But while the environment of Hell shows a great deal of thought and planning, the actual story being told leaves something to be desired. And that is an intentional phrasing; the book is not bad or poorly written, but a background and plot of this scale demand more depth than Barlowe has created. Former angels, condemned to an eternity in Hell for taking part in Lucifer’s rebellion but now focused on returning to Heaven should have a myriad of internal conflicts. A feudal political structure thousands of years old give birth to shifting alliances, loyalties, and betrayals. Even the demons themselves are disappointing as their power plays are almost entirely based on straight-forward physical or magical power, only rarely displaying the cunning or deception one would expect from, well, a demon.

The overall plot and construction of the story shows a similar lack of depth. Sargatanas starts his war because he wants to return to Heaven, but he never really gives an explanation for how he expects the war to accomplish this goal. A key subplot, Hannibal Barca’s attempt to lead the human souls as warriors in Sargatanas‘s army (think Lincoln allowing ex-slaves into the North’s army during the civil war) never really comes together despite a promising start. Even the main plot is extremely linear, without the sort of diversions that appear when characters are trying to find their way through a difficult situation; the characters all know exactly what they want, can think of one way to get it, and will try as hard as they can to make it happen. Luckily, the plot is only about 40% of the book, and the 60% that is lush description distracts you in the same way that outstanding CGI can prop up a summer blockbuster. You won’t realize how little actual story there is until you’ve finished the book, and that makes God’s Demon a good read despite a lingering feeling of missed potential.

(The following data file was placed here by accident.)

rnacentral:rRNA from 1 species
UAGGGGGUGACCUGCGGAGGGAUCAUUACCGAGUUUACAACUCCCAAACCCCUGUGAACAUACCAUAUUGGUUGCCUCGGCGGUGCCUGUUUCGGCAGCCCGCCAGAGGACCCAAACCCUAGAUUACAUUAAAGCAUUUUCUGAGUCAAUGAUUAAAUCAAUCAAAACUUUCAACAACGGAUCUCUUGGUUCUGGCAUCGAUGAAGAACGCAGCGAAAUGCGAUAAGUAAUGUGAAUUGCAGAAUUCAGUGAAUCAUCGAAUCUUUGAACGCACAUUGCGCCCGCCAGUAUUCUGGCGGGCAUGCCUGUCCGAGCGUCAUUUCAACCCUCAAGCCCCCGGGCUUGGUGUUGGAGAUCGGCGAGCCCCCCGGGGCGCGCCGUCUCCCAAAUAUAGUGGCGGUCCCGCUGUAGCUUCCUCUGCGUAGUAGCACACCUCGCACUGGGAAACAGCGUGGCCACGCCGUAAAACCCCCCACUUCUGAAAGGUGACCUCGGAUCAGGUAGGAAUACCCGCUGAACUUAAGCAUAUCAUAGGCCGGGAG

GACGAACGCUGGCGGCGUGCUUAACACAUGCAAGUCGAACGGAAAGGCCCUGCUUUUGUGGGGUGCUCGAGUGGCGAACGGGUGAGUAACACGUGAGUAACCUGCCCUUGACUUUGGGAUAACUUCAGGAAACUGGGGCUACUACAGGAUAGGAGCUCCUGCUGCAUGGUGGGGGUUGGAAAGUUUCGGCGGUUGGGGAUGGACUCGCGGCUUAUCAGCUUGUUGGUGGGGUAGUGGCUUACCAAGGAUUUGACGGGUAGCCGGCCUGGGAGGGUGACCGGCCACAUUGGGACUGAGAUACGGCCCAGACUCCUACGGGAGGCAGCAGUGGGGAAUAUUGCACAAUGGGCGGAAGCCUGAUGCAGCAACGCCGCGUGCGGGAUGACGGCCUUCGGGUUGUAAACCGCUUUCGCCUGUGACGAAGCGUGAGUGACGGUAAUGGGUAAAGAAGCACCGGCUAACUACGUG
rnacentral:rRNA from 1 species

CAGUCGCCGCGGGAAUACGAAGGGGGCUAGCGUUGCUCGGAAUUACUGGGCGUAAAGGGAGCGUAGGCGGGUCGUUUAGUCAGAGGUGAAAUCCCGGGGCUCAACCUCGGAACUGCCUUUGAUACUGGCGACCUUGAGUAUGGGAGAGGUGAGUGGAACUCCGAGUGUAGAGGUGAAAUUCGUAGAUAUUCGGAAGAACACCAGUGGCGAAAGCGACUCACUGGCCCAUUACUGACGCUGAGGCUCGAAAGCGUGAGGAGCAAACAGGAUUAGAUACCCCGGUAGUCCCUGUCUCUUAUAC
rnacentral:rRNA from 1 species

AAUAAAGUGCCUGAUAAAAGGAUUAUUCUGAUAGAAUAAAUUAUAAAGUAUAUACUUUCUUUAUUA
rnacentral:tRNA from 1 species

Rating: 7/10

Other opinions:

Cordelia’s Honor
by Lois McMaster Bujold
608pp (Paperback)
My Rating: 8/10
Amazon Rating: 4.5/5
LibraryThing Rating: 4.37/5
Good Reads Rating: 4.26/5

Cordelia’s Honor contains the first two chronological novels in Lois McMaster Bujold’s Miles Vorkosigan series, Shards of Honor and Barrayar. These books could also be viewed as prequels to the series since they are not actually about the life of Miles but instead tell the story of how his parents met and how Miles came to be disfigured before birth. Shards of Honor is Bujold’s first published novel while Barrayar was released 5 years later after other books in the series had been written. The latter is a direct sequel to the former and completes the story begun in the first book, some parts of which Bujold had originally wanted to include in Shards of Honor before she realized it was too long. While the first half of the story was certainly enjoyable, it did lack polish and Bujold’s extra writing experience shows in Barrayar, which is a much tighter novel and the winner of the 1992 Hugo Award.

In Shards of Honor, Commander Cordelia Naismith from Beta is part of an astronomical survey expedition until she and her crew are disrupted by a military force of their enemies from Barrayar, who claim they found the planet first and insist the Betans surrender to them. Most of Cordelia’s party escapes, leaving her and her botanist, whose mind was destroyed by a disruptor fired by one of their foes, stranded. The commander meets and is taken prisoner by Captain Aral Vorkosigan, infamous as the “Butcher of Komarr.” This knowledge does not stop Cordelia from being openly hostile to Vorkosigan, but soon she begins to see that he is an honorable man even if his society’s beliefs are very different from her own.